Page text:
Friday, March 20, 2009
Recent analyses of Alfred Hitchcock's Rear Window have started to focus on an idea I began floating in a research paper 16 years ago for my professor, noted Hitchcock historian William Rothman. Don't get me wrong. I'm not taking credit. But I am saying that this reading of the film has been around at least this long, if not longer. The theory is that the courtyard pictured above, the one the titular rear window belonging to the convalescing L.B. Jefferies (James Stewart) overlooks, is not just a proscenium allowing him to exercise some of his voyeuristic tendencies. This courtyard and its individual apartments are a physical manifestation of Jefferies' fears in regard to committing to socialite Lisa Fremont (Grace Kelly). Each dwelling represents a compartment in Jefferies' own mind, housing a specific misgiving he has about marrying the eager Lisa.
The first apartment to overtly draw the connection to Jefferies' thoughts on marriage is the one with the newlyweds (Rand Harper, Havis Davenport). This one gives Lisa ammunition in the couple's contest of wills over the fate of their relationship, providing credence to the idea of marital bliss, as the honeymooning couple keep their window shades drawn and, we assume, enjoy making love over the entire course of the film. The bubble is burst at the climax of the film when the newlyweds have their first fight.
The next apartment belongs to Miss Torso (Georgine Darcy), a beautiful, voluptuous, serial dater that entertains a seemingly revolving doors-worth of suitors (once even hosting several simultaneously). This represents Jefferies' fear of Lisa's activities while he is away on photography assignments. Lisa's assurances that Miss Torso is not interested in any of the men gains traction when the woman's boyfriend returns from the service. A schlubby short fellow, he is the only one on who she ends up showering physical affection.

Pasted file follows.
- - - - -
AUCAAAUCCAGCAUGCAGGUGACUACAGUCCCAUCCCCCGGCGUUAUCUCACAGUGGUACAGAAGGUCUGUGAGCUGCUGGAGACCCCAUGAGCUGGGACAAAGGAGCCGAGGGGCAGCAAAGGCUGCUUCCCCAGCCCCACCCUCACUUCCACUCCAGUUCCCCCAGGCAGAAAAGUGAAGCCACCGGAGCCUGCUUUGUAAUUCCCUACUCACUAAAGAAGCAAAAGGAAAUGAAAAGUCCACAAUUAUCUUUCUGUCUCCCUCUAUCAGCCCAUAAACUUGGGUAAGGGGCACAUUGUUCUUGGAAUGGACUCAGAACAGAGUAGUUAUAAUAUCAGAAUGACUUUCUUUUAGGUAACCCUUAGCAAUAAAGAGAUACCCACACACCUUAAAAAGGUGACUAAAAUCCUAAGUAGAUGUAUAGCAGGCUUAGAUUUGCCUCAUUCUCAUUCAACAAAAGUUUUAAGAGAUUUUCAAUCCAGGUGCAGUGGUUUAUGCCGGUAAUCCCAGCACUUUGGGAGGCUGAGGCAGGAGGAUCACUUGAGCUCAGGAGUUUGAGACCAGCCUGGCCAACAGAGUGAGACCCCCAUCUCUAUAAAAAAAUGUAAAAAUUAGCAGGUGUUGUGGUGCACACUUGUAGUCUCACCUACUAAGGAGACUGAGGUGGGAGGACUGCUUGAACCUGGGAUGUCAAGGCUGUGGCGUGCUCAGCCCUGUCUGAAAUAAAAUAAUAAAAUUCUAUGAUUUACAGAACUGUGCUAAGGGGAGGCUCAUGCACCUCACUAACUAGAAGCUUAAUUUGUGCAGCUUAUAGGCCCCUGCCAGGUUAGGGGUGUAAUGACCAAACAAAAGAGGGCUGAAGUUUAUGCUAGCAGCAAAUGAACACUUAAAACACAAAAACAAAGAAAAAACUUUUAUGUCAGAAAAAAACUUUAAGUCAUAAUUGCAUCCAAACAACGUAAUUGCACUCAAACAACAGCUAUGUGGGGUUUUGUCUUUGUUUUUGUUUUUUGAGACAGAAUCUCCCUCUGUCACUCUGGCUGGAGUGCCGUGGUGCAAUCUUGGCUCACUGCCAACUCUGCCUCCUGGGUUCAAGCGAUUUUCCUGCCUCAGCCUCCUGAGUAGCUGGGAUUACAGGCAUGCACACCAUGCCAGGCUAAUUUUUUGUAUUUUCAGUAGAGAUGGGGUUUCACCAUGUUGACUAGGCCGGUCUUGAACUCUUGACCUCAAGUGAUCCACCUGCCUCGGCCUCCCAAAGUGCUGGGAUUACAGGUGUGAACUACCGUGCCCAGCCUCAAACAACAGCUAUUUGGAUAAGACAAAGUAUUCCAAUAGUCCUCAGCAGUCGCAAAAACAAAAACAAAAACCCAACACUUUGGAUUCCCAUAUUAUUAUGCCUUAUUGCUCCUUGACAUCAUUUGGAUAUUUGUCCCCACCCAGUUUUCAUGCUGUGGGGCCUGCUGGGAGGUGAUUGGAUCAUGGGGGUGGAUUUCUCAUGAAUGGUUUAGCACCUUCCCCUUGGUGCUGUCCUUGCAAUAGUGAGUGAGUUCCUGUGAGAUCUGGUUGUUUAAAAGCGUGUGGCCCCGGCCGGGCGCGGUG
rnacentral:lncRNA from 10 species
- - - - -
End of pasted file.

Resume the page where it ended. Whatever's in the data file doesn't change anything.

Upstairs from Miss Torso is the older couple (Sara Berner, Frank Cady) with the puppy. They signify Jefferies' fears that if he waits too long to commit, Lisa and he will be reduced to a pair of Bickersons, doting on some child or animal, communicating through that object of affection instead of directly to each other.
Downstairs from Miss Torso is Miss Lonelyheart (Judith Evelyn) and across the way from Jefferies is the songwriter (Ross Bagdasarian). Each of them are archetypes that stand in for our central characters' self-image. Miss Lonelyheart play-acts what it must be like to be married and loved, making dinners for two despite sliding into near suicidal depression over the course of the movie as the reality of her loneliness begins to overwhelm her. Lisa identifies with her, just as Jefferies, a passionate photographer, identifies with the songwriter. The songwriter is an uncompromising artist, working on compositions well into the night. He crowds out sleep and romance in the service of his art. By film's end, the two apartment dwellers have noticed each other and taken tentative steps towards romance, foreshadowing Jefferies and Lisa's own romantic resolution.
Perhaps the window that scares Jefferies the most is the one that belongs to the film's antagonist, Lars Thorwald (Raymond Burr). It is here that Jefferies darkly sympathizes with Thorwald's situation. Jefferies' ultimate fear is to have compromised so much in a relationship and feel so trapped, he finds the only way he can escape is to murder his wife (a frighteningly real option in a time when divorce led to social ostracizing). It is the horrific reality of this particular situation that forces Lisa to break into Thorwald's apartment. In acting out a way to bring justice to this murderer, Lisa is physically combating Jefferies' worst fear, hoping to convince him that he would never give in to this dark aspect personified in Thorwald. When viewed through this prism of commitment, Rear Window takes on a different flavor indeed.
Rear Window is presented for free at the 5th Annual Robert Osborne's Classic Film Festival. It screens this afternoon at 4:30 p.m. where Mr. Osborne and co-host Fred Willard will discuss the film after the screening with their guest, James C. Katz, producer of the 1998 restoration. All films screen at the Classic Center, 300 N. Thomas Street, Athens, GA 30601, (706) 208-0900 or (800) 918-6393.